The newly formed anti-corruption task team will start operating in the next few weeks, head of the Special Investigating Unit Willie Hofmeyr says.
The newly formed anti-corruption task team will start operating in the next few weeks, the head of the Special Investigating Unit, Willie Hofmeyr, said on Tuesday.
“A lot has been done in the past six months in terms of what needs to be done to fight corruption. The anti-corruption task team will start operating in the next few weeks,” Hofmeyr said.
He was speaking on the first of a three-day Association of Public Accounts Committees conference at Inkosi Albert Luthuli International Convention Centre in Durban.
The anti-corruption task team, a sub-committee of the justice, crime prevention and security cluster, was formed in July to coordinate the work of law enforcement agencies and watchdog bodies.
The task team’s main duty was to perform high priority criminal investigations when more than R5-million in assets would be seized.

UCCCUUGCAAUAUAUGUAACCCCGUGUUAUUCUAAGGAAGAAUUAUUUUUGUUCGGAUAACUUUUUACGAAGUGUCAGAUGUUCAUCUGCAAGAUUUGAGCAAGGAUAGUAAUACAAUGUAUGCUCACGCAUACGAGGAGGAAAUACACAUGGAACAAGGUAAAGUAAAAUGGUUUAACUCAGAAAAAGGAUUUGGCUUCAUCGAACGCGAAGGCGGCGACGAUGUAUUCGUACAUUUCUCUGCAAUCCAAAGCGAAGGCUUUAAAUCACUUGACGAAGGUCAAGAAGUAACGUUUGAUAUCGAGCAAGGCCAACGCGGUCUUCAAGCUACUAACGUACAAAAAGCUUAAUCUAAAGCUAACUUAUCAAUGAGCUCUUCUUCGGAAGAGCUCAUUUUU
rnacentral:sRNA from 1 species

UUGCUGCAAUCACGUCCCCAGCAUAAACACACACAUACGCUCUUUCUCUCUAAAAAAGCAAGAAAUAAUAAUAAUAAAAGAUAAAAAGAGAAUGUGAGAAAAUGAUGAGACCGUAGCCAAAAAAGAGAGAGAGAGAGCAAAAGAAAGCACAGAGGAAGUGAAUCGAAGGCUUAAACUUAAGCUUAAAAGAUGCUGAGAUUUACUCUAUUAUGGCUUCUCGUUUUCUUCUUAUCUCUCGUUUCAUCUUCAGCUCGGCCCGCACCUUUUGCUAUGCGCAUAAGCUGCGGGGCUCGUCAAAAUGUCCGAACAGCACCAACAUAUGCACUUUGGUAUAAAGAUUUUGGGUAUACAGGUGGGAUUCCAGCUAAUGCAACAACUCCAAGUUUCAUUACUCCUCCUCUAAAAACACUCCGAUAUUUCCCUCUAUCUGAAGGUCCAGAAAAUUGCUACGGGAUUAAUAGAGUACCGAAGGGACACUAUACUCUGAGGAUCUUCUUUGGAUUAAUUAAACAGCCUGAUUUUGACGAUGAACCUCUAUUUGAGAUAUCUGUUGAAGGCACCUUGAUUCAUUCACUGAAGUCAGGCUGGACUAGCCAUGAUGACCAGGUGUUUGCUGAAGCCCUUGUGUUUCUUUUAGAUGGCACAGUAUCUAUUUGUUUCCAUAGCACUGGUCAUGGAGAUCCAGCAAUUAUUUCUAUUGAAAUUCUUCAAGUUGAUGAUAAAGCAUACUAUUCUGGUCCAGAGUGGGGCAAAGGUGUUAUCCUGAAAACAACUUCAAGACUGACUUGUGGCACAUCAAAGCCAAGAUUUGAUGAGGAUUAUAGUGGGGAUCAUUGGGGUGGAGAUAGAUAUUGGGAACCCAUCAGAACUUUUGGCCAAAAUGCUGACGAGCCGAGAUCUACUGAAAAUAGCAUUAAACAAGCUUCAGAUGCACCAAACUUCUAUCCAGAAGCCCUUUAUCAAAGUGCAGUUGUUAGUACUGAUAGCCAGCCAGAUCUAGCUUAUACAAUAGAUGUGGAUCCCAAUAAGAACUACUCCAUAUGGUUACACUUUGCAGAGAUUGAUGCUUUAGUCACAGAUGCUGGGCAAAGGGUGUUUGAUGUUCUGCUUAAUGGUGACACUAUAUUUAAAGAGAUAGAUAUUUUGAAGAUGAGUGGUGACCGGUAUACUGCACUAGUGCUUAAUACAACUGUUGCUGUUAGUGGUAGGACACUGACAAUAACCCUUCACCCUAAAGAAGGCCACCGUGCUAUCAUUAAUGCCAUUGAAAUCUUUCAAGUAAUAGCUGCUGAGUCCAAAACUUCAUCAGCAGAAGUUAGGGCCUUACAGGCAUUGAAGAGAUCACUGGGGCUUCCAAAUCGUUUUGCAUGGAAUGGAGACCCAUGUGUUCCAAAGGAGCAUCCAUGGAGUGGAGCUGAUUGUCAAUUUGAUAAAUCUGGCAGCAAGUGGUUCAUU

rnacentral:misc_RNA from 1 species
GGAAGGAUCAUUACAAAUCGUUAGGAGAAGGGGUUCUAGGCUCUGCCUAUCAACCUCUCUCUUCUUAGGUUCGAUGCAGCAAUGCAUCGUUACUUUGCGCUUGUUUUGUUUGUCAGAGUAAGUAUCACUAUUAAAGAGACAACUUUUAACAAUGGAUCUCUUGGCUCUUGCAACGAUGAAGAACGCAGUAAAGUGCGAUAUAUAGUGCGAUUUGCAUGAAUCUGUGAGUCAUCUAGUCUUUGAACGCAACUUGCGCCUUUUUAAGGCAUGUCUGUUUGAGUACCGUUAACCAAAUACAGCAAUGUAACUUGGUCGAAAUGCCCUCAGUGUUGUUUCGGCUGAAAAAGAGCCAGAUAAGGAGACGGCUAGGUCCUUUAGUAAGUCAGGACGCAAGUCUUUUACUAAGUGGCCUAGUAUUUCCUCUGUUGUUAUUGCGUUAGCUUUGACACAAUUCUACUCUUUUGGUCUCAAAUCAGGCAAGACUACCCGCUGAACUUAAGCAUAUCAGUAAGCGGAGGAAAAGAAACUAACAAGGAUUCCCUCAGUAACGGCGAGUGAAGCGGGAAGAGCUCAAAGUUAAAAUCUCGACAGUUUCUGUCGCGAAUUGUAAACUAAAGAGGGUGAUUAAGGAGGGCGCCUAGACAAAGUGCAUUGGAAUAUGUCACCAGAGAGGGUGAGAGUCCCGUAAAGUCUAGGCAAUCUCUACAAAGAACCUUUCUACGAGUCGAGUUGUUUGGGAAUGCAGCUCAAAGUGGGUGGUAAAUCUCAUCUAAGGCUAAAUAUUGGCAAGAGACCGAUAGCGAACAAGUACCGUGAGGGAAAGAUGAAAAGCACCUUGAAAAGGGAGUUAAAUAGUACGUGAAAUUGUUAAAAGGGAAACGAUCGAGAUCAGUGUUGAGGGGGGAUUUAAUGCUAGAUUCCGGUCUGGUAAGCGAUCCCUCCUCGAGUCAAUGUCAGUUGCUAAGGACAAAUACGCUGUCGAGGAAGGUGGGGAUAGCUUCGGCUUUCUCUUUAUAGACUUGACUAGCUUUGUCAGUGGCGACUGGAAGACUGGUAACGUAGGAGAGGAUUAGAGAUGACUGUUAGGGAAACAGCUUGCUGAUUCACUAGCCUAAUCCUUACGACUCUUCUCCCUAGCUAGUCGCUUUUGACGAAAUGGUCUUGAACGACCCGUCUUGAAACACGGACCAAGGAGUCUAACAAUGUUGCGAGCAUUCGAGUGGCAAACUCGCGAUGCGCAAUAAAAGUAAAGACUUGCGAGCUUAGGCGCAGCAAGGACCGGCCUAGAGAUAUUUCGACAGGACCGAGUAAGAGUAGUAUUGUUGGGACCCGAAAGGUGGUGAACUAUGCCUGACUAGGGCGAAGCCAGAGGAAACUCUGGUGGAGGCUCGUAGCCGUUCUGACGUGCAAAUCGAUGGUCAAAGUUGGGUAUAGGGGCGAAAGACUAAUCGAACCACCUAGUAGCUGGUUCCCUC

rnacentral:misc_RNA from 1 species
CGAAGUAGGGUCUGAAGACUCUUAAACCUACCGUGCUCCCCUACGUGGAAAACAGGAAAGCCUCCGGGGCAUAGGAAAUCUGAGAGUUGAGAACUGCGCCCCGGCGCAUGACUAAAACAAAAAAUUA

The theme of the conference was “Strengthening accountability through sharpening the tools of proactive oversight”.
Hinders service delivery
John Mentoor, the chief director of the Public Service Commission’s professional ethics programme, told delegates that corruption in the public sector hindered service delivery.
The total number of cases reported to the commission during the 2008/09 financial year was 1 204, he said.
“Of the cases reported, 260 were reported by national departments and 944 by provincial departments.”
The total cost emanating from unauthorised, irregular, wasteful expenditure and criminal conduct was R100-million during the 2008/09 financial year.
“During the same financial year, R9,9-million was recovered from the employees found guilty of financial misconduct,” said Mentoor.
He said the R91-million not recovered could have been used to uplift the plight of the poor.
Mentoor said R86-million had been recovered as a result of the investigation of cases reported via the national anti-corruption hotline managed by the Public Service Commission.
“There were 81 officials who were found guilty of misconduct. Fifteen of the 81 officials were suspended, 25 given final warnings, 29 dismissed and 12 resigned,” he said.—Sapa